Passing Parent Guide
The film's black and white cinematography both reveals and conceals, reducing all skin tones to shades of grey and emphasizing the racial ambiguity of the story.
Parent Movie Review
“Passing.” It’s a simple word for turning your back on your family, history, and culture. But for many Americans of color, passing was an escape from a world of bigotry, violence, discrimination, and poverty. If their skin was light enough and their features “white” enough, they could pretend to be white and enjoy the privileges that came with that racial identity.
When Irene discovers that a friend she hasn’t seen for years is passing for white, she’s shocked, offended, and fascinated. It’s the 1920s and Irene is living in Harlem with her physician husband and two sons. After a hot day’s shopping, she runs into Clare, an old school friend, who is passing as white. Married to the highly bigoted John Bewlew, Clare enjoys the financial benefits that come with being the wife of a banker. As the women get caught up, they both insist that they each have “everything I’ve ever wanted”.
Real life is more complicated. Clare is determined to renew their friendship, and as the women spend more time together, their regrets, insecurities, and jealousies seep into their relationship. Clare envies Irene’s “true, good life” but Irene counters that “no one is ever completely happy, free or safe.” The more time she spends with Clare, the clearer that becomes to her: not because of Clare’s choice to pass, but because of Clare’s determination to insert herself more deeply into Irene’s life…
This is a tense story, burrowing into the fears and insecurities of both women. The tension ramps up when Clare confesses, “I don’t have proper morals or a sense of duty like you…To get the things I want so badly, I’d do anything. Hurt anyone. Throw anything away.” A sense of impending tragedy comes into sharp relief, and never lets up.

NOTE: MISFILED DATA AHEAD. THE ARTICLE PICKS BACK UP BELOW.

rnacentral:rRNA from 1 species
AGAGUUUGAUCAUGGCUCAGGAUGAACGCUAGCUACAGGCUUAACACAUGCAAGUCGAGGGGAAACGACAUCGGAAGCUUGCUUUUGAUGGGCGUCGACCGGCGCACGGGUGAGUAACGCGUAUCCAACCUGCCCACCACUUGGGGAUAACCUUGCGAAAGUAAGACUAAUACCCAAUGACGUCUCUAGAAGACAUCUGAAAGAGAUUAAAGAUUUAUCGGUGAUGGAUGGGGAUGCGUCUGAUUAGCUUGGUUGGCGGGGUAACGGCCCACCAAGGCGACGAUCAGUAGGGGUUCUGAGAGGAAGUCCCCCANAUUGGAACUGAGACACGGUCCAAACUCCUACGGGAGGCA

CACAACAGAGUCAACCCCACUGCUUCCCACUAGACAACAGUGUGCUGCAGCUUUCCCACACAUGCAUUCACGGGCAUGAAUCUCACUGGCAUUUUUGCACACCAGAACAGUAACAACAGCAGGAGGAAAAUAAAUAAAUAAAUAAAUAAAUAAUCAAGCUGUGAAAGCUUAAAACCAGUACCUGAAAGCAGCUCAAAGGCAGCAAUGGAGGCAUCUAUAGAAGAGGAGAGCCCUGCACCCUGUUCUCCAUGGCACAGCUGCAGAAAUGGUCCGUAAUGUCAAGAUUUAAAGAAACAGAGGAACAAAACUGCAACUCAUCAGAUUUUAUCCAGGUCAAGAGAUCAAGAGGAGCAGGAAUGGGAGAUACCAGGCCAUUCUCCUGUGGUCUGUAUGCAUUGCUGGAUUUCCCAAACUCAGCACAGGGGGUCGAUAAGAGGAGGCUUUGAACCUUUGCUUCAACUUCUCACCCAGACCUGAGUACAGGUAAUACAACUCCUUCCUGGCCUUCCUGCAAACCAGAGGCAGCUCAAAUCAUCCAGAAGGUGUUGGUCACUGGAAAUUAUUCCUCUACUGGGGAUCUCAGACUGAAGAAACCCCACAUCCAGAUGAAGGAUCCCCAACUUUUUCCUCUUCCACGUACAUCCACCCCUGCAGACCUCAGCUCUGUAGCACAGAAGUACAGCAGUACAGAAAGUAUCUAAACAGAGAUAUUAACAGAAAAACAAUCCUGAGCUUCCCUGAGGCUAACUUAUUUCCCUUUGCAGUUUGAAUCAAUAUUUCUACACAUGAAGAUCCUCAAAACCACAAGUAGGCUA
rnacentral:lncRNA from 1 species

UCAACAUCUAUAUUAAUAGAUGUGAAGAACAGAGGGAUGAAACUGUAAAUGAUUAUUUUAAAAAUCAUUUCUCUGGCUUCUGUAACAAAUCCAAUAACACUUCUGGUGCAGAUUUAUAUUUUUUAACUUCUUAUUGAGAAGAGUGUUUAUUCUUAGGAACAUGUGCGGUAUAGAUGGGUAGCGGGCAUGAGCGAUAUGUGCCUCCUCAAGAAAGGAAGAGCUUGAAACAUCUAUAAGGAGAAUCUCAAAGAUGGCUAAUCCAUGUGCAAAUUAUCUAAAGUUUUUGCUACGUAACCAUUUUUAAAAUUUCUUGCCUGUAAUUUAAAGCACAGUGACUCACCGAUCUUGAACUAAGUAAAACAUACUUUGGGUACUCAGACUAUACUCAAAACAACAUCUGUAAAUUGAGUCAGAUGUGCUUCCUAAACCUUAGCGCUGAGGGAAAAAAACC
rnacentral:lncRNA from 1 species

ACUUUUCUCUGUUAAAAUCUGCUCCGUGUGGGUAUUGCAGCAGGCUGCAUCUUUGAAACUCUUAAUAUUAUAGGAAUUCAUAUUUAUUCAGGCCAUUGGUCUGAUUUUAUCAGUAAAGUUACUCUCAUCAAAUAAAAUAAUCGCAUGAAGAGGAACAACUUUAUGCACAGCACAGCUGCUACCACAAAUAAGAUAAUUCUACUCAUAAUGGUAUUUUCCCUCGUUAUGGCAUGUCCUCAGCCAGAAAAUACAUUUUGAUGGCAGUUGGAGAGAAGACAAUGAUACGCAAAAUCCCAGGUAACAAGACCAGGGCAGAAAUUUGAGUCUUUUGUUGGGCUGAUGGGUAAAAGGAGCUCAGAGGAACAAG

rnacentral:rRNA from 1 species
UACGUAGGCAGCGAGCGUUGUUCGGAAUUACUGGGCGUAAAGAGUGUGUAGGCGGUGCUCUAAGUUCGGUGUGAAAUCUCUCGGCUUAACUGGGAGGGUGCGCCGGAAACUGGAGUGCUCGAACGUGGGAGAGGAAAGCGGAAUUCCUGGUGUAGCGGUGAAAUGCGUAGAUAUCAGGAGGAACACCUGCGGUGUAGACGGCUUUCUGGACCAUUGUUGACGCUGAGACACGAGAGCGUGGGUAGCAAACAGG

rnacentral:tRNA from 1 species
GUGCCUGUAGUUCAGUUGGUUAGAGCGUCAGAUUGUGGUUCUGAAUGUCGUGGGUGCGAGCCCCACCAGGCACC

Passing is a ravishing, brilliant film. Shot in black and white, it’s beautiful to look at, and mysterious as well, alternately revealing and concealing. Critically, the film reduces all skin tones to shades of grey, emphasizing the sense of racial fluidity in the story. The soundtrack is also well done, with ambient noise somehow setting the story on edge and gentle jazz creating a sense of dreamy disconnection. Director and screenwriter Rebecca Hall has pulled off a real feat, successfully adapting a book that is both a tale of racial conflict and a whodunit. The adaptation is clean and crisp, while also maintaining the sense of ambiguity that is so critical to the overall story.
Parents or teachers considering Passing for viewing with teens can be assured that there is little on-screen violence (aside from a fatal fall) or sexual content and just over a dozen mild profanities. There are frequent scenes of alcohol use and smoking, but the activity is not glamorized. The PG-13 rating is appropriately applied.
This movie has a lot to offer audiences. Film buffs will swoon over its gorgeous production values which will likely impress casual viewers too. Moviegoers who want to think about the complexities of racial identity and the persistence of racial discrimination will find much to contemplate here. And anyone who enjoys a whodunit will love the debate that will consume their movie watching buddies after the conclusion. This is not a film that provides simple answers or easy categories but it is a great catalyst for lots of questions – and isn’t that one of the best reasons to go to the movies?Directed by Rebecca Hall. Starring Tessa Thompson, Ruth Negga. Running time: 98 minutes. Theatrical release November 10, 2021. Updated September 23, 2022